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This week’s meditation session is led by Kimberly Brown and the theme is Reimagine.

The guided meditation begins at 10:01.

For centuries Himalayan practitioners have used meditation to quiet the mind, open the heart, calm the nervous system, and increase focus. Now Western scientists, business leaders, and the secular world have embraced meditation as a vital tool for brain health.

Whether you’re a beginner, a dabbler, or a skilled meditator seeking the company of others, join expert teachers in a 45-minute weekly program designed to fit into your lunch break. Each session is inspired by a different work of art from the Rubin Museum’s collection and includes an opening talk, a 20-minute meditation session, and a closing discussion.



Vajravarahi; Tibet; 19th century; eEmbroidery on silk; Rubin Museum of Art; C2003.13.2 (HAR 65216)
Vajravarahi; Tibet; 19th century; embroidery on silk; Rubin Museum of Art; C2003.13.2 (HAR 65216)

This exquisite scroll from 19th-century Tibet is embroidered with silk thread. It depicts Vajravarahi, the sow-faced goddess. She is one of the most well-known Tantric goddesses in Tibetan Buddhism.

Vajravarahi derives her name from the small sow head atop her own. According to ancient Indic traditions, pigs are adept at uprooting things. Hence, Vajravarahi is a meditational deity who assists practitioners with uprooting ego.

Vajravarahi is usually portrayed as red in color—the color of this silk thread may have faded over time. Vajravarahi is both peaceful and wrathful. In her right hand she grasps a knife for severing mental afflictions. In her left hand she holds a skull cup close to her heart.

The relatively small scale of this sacred work of art indicates that it was intended for personal devotional use. Vajravarahi is typically depicted dancing atop a corpse, which represents her defeat of the ego. She is surrounded by the flames of pristine awareness. As we gaze upon her, may we gain greater clarity regarding how we can rise above the trappings of our own ego.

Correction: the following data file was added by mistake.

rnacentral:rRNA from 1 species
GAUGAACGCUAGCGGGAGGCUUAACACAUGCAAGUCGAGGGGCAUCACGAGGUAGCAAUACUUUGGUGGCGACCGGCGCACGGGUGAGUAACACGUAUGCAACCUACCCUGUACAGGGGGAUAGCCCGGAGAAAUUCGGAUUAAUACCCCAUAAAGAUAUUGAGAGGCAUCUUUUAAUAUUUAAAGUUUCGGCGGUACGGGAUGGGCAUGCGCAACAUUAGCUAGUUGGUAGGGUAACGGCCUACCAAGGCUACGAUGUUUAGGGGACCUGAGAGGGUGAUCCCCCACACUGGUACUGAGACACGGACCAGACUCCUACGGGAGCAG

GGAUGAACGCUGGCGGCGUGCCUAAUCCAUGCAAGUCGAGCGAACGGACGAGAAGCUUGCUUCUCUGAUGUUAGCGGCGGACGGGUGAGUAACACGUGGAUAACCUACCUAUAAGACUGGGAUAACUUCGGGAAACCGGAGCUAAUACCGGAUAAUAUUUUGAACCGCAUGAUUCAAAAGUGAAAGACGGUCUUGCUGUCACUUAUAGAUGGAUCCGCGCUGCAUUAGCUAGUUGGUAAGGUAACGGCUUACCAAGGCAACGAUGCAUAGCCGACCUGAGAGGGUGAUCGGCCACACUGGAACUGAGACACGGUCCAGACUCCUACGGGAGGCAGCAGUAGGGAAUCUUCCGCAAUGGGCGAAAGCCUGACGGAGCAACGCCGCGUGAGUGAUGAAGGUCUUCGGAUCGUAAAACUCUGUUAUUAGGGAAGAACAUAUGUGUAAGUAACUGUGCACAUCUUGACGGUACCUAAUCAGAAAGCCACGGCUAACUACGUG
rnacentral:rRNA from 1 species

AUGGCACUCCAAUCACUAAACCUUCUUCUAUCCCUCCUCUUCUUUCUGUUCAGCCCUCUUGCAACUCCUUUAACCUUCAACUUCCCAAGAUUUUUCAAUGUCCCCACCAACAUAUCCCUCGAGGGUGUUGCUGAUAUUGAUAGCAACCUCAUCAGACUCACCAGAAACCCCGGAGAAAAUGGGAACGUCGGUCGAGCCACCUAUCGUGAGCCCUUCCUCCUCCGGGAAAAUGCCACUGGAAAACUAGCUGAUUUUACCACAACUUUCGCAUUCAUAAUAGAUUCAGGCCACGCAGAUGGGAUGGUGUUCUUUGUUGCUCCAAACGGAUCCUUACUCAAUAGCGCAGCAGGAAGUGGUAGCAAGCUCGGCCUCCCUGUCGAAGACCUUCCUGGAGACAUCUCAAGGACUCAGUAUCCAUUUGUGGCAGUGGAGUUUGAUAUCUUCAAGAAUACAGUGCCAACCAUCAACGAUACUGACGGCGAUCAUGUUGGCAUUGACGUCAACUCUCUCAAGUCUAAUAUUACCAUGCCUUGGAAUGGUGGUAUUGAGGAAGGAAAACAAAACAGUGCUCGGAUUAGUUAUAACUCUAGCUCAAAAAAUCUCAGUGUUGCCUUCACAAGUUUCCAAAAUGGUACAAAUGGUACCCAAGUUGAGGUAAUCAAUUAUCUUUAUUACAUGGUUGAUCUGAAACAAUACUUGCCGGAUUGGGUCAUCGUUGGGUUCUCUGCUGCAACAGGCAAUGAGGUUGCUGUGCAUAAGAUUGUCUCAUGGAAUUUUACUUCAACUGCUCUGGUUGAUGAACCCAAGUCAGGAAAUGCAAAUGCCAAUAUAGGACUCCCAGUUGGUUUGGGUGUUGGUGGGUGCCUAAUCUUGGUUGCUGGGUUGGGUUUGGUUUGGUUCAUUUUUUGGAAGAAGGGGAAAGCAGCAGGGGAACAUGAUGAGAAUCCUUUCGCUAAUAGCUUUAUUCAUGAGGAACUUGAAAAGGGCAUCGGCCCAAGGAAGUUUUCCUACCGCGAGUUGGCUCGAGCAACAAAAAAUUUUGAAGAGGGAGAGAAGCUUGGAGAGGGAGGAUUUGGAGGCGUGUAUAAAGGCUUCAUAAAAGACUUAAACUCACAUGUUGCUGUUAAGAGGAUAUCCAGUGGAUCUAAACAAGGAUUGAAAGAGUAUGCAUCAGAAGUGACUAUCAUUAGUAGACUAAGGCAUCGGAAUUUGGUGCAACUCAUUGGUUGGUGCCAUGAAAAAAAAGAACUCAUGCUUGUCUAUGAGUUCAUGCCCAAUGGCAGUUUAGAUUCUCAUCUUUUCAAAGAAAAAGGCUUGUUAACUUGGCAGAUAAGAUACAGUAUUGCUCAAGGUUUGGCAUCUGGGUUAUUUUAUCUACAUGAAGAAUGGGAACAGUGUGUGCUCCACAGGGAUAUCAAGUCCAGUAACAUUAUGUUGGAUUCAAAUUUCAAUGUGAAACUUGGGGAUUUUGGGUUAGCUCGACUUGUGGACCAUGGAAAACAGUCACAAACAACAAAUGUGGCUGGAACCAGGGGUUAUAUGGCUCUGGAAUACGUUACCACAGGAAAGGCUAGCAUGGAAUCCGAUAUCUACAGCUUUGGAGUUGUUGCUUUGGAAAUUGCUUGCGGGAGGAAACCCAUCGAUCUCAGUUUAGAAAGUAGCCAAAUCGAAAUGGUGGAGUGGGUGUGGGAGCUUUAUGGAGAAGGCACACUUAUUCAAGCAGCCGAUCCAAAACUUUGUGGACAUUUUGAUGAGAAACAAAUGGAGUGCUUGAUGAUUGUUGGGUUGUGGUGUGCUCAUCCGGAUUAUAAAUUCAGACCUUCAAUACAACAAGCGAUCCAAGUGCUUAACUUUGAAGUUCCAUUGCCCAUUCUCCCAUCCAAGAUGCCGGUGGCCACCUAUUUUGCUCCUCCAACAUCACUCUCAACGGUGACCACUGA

kimberly brown

Kimberly Brown is a meditation teacher and author. She leads classes and retreats that emphasize the power of compassion and kindness meditation to reconnect us to ourselves and others. Her teachings provide an approachable pathway to personal and collective well-being through effective and modern techniques based on traditional practices. She studies in both the Tibetan and Insight schools of Buddhism and is a certified mindfulness instructor. Her new book, Navigating Grief and Loss: 25 Buddhist Practices to Keep Your Heart Open to Yourself and Others, was published in November 2022, and an updated edition of Steady, Calm, and Brave was released in January 2023. Both are published by Prometheus Books. You can learn more about Kimberly on her website.


This program is presented in partnership with Sharon Salzberg and teachers from the New York Insight Meditation Center, the Interdependence Project, and Parabola Magazine and supported by the Frederick P. Lenz Foundation for American Buddhism.

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